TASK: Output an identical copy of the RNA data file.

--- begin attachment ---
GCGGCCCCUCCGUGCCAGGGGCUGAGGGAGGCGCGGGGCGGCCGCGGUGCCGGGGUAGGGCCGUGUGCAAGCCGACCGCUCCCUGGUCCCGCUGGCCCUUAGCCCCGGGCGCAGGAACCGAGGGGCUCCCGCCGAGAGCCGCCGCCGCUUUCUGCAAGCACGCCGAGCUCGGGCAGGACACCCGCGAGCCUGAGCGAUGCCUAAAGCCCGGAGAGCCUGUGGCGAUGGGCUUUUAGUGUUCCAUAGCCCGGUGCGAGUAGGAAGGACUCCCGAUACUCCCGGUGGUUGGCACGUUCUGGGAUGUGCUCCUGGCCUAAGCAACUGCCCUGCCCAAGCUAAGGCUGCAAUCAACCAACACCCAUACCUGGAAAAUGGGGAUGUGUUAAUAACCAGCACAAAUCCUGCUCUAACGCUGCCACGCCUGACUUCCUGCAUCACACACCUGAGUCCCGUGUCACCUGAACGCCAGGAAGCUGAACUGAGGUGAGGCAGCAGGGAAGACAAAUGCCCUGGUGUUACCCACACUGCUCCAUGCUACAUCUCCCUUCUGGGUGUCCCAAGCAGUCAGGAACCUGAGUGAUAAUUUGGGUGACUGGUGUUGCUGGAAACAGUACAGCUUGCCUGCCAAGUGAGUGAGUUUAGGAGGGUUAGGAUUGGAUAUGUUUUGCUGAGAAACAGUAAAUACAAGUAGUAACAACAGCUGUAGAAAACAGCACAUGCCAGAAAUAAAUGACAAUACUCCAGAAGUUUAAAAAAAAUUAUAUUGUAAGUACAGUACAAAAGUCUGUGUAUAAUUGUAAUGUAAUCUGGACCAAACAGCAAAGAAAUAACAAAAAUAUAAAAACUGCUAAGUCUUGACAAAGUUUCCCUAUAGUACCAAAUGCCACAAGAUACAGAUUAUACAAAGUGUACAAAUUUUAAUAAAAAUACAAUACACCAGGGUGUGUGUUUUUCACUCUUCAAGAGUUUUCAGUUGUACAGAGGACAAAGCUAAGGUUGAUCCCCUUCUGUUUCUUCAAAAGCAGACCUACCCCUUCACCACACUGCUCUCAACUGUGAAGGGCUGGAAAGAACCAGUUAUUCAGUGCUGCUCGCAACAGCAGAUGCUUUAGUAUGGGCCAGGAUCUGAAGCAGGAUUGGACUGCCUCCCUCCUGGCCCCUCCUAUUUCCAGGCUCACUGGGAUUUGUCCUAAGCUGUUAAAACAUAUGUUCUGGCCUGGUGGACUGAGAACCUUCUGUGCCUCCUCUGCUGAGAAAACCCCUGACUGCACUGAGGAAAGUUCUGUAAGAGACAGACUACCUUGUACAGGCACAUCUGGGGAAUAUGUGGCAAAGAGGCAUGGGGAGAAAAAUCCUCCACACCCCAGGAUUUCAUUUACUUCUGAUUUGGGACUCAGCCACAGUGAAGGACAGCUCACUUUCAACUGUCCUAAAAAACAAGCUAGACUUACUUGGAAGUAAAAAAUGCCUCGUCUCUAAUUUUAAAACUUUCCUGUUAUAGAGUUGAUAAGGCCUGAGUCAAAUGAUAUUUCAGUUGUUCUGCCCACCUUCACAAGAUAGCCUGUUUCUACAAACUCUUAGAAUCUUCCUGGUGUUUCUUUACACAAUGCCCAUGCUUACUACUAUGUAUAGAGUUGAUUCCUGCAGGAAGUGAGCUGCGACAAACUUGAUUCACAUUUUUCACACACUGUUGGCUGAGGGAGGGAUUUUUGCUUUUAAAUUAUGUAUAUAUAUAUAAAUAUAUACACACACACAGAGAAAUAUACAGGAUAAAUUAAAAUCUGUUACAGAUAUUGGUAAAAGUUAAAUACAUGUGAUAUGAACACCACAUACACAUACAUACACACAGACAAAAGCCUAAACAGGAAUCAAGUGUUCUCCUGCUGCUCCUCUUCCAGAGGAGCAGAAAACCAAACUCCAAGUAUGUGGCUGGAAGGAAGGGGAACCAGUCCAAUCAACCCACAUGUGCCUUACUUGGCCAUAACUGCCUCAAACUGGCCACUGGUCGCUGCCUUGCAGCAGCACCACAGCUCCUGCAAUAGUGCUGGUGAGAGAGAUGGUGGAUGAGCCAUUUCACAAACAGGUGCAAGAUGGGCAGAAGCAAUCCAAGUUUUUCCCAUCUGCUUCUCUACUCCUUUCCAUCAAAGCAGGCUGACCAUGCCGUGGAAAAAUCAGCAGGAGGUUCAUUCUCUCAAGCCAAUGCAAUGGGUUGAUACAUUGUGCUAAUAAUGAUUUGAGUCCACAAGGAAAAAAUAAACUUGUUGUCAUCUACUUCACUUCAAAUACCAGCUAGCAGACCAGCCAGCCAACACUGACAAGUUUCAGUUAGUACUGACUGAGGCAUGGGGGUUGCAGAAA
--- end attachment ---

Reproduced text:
GCGGCCCCUCCGUGCCAGGGGCUGAGGGAGGCGCGGGGCGGCCGCGGUGCCGGGGUAGGGCCGUGUGCAAGCCGACCGCUCCCUGGUCCCGCUGGCCCUUAGCCCCGGGCGCAGGAACCGAGGGGCUCCCGCCGAGAGCCGCCGCCGCUUUCUGCAAGCACGCCGAGCUCGGGCAGGACACCCGCGAGCCUGAGCGAUGCCUAAAGCCCGGAGAGCCUGUGGCGAUGGGCUUUUAGUGUUCCAUAGCCCGGUGCGAGUAGGAAGGACUCCCGAUACUCCCGGUGGUUGGCACGUUCUGGGAUGUGCUCCUGGCCUAAGCAACUGCCCUGCCCAAGCUAAGGCUGCAAUCAACCAACACCCAUACCUGGAAAAUGGGGAUGUGUUAAUAACCAGCACAAAUCCUGCUCUAACGCUGCCACGCCUGACUUCCUGCAUCACACACCUGAGUCCCGUGUCACCUGAACGCCAGGAAGCUGAACUGAGGUGAGGCAGCAGGGAAGACAAAUGCCCUGGUGUUACCCACACUGCUCCAUGCUACAUCUCCCUUCUGGGUGUCCCAAGCAGUCAGGAACCUGAGUGAUAAUUUGGGUGACUGGUGUUGCUGGAAACAGUACAGCUUGCCUGCCAAGUGAGUGAGUUUAGGAGGGUUAGGAUUGGAUAUGUUUUGCUGAGAAACAGUAAAUACAAGUAGUAACAACAGCUGUAGAAAACAGCACAUGCCAGAAAUAAAUGACAAUACUCCAGAAGUUUAAAAAAAAUUAUAUUGUAAGUACAGUACAAAAGUCUGUGUAUAAUUGUAAUGUAAUCUGGACCAAACAGCAAAGAAAUAACAAAAAUAUAAAAACUGCUAAGUCUUGACAAAGUUUCCCUAUAGUACCAAAUGCCACAAGAUACAGAUUAUACAAAGUGUACAAAUUUUAAUAAAAAUACAAUACACCAGGGUGUGUGUUUUUCACUCUUCAAGAGUUUUCAGUUGUACAGAGGACAAAGCUAAGGUUGAUCCCCUUCUGUUUCUUCAAAAGCAGACCUACCCCUUCACCACACUGCUCUCAACUGUGAAGGGCUGGAAAGAACCAGUUAUUCAGUGCUGCUCGCAACAGCAGAUGCUUUAGUAUGGGCCAGGAUCUGAAGCAGGAUUGGACUGCCUCCCUCCUGGCCCCUCCUAUUUCCAGGCUCACUGGGAUUUGUCCUAAGCUGUUAAAACAUAUGUUCUGGCCUGGUGGACUGAGAACCUUCUGUGCCUCCUCUGCUGAGAAAACCCCUGACUGCACUGAGGAAAGUUCUGUAAGAGACAGACUACCUUGUACAGGCACAUCUGGGGAAUAUGUGGCAAAGAGGCAUGGGGAGAAAAAUCCUCCACACCCCAGGAUUUCAUUUACUUCUGAUUUGGGACUCAGCCACAGUGAAGGACAGCUCACUUUCAACUGUCCUAAAAAACAAGCUAGACUUACUUGGAAGUAAAAAAUGCCUCGUCUCUAAUUUUAAAACUUUCCUGUUAUAGAGUUGAUAAGGCCUGAGUCAAAUGAUAUUUCAGUUGUUCUGCCCACCUUCACAAGAUAGCCUGUUUCUACAAACUCUUAGAAUCUUCCUGGUGUUUCUUUACACAAUGCCCAUGCUUACUACUAUGUAUAGAGUUGAUUCCUGCAGGAAGUGAGCUGCGACAAACUUGAUUCACAUUUUUCACACACUGUUGGCUGAGGGAGGGAUUUUUGCUUUUAAAUUAUGUAUAUAUAUAUAAAUAUAUACACACACACAGAGAAAUAUACAGGAUAAAUUAAAAUCUGUUACAGAUAUUGGUAAAAGUUAAAUACAUGUGAUAUGAACACCACAUACACAUACAUACACACAGACAAAAGCCUAAACAGGAAUCAAGUGUUCUCCUGCUGCUCCUCUUCCAGAGGAGCAGAAAACCAAACUCCAAGUAUGUGGCUGGAAGGAAGGGGAACCAGUCCAAUCAACCCACAUGUGCCUUACUUGGCCAUAACUGCCUCAAACUGGCCACUGGUCGCUGCCUUGCAGCAGCACCACAGCUCCUGCAAUAGUGCUGGUGAGAGAGAUGGUGGAUGAGCCAUUUCACAAACAGGUGCAAGAUGGGCAGAAGCAAUCCAAGUUUUUCCCAUCUGCUUCUCUACUCCUUUCCAUCAAAGCAGGCUGACCAUGCCGUGGAAAAAUCAGCAGGAGGUUCAUUCUCUCAAGCCAAUGCAAUGGGUUGAUACAUUGUGCUAAUAAUGAUUUGAGUCCACAAGGAAAAAAUAAACUUGUUGUCAUCUACUUCACUUCAAAUACCAGCUAGCAGACCAGCCAGCCAACACUGACAAGUUUCAGUUAGUACUGACUGAGGCAUGGGGGUUGCAGAAA